Ivory Coast to re­tire 1,000 sol­diers to slim down mil­i­tary

The Myanmar Times - Weekend - - World -

IVORY Coast will cut its armed forces by about 1,000 troops by the end of the year, the gov­ern­ment spokesman said on Wed­nes­day, in a bid to ra­tio­nalise a costly and some­times un­ruly mil­i­tary.

Gov­ern­ment spokesman Bruno Kone told re­porters af­ter a cabi­net meet­ing that the 997 sol­diers had ac­cepted vol­un­tary re­tire­ment this year as part of an ini­tia­tive to con­form to “ac­cepted stan­dards”, partly by re­duc­ing the ra­tio of non-com­mis­sioned of­fi­cers to lower ranks.

Ivory Coast does not give de­tails on the size of its mil­i­tary, but se­cu­rity sources es­ti­mate there are more than 25,000 troops in a coun­try with a pop­u­la­tion of about 24 mil­lion.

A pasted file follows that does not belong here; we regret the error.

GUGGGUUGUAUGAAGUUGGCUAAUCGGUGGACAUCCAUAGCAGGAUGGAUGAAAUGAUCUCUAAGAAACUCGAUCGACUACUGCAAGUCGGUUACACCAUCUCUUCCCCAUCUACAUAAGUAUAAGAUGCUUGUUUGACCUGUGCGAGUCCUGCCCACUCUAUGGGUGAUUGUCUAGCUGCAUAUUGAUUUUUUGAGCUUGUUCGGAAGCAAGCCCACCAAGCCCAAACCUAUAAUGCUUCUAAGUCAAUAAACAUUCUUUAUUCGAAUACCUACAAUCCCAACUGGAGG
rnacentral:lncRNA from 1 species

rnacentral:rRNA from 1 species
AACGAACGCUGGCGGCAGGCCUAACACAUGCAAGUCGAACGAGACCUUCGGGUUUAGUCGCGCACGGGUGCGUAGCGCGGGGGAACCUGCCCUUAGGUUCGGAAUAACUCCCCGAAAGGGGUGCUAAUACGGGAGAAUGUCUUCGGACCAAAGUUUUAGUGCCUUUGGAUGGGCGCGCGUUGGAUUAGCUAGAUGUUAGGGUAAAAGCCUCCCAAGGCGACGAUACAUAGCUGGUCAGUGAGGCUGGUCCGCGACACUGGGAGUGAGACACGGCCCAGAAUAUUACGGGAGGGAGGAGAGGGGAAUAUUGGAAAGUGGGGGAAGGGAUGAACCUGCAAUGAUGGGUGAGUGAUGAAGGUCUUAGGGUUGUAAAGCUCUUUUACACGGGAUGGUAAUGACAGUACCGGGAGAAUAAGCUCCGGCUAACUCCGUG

Fran­co­phone West Africa’s big­gest econ­omy suf­fered two army mu­tinies this year that dam­aged its rep­u­ta­tion among in­vestors and forced the gov­ern­ment to agree to costly pay rises.

“The dis­tri­bu­tion of Ivory Coast’s army is out of step with the stan­dards ac­cepted in mod­ern armies,” Kone said.

The for­mer French colony, once known as one of the most sta­ble states in West Africa, is still re­cov­er­ing from a brief civil war fought af­ter Pres­i­dent Alas­sane Ou­at­tara won a dis­puted elec­tion in 2010 but in­cum­bent Lau­rent Gbagbo re­fused to step down.

Ou­at­tara has strug­gled to as­sert his author­ity over the army, which was cob­bled to­gether in an un­easy merger of the north­ern New Forces rebels who sup­ported him and the pro­fes­sional troops who had fought against him.

The sol­diers be­ing taken out of ac­tion in­cluded three se­nior of­fi­cers, 634 non-com­mis­sioned of­fi­cers and 354 reg­u­lar foot sol­diers, Kone said.

– Reuters

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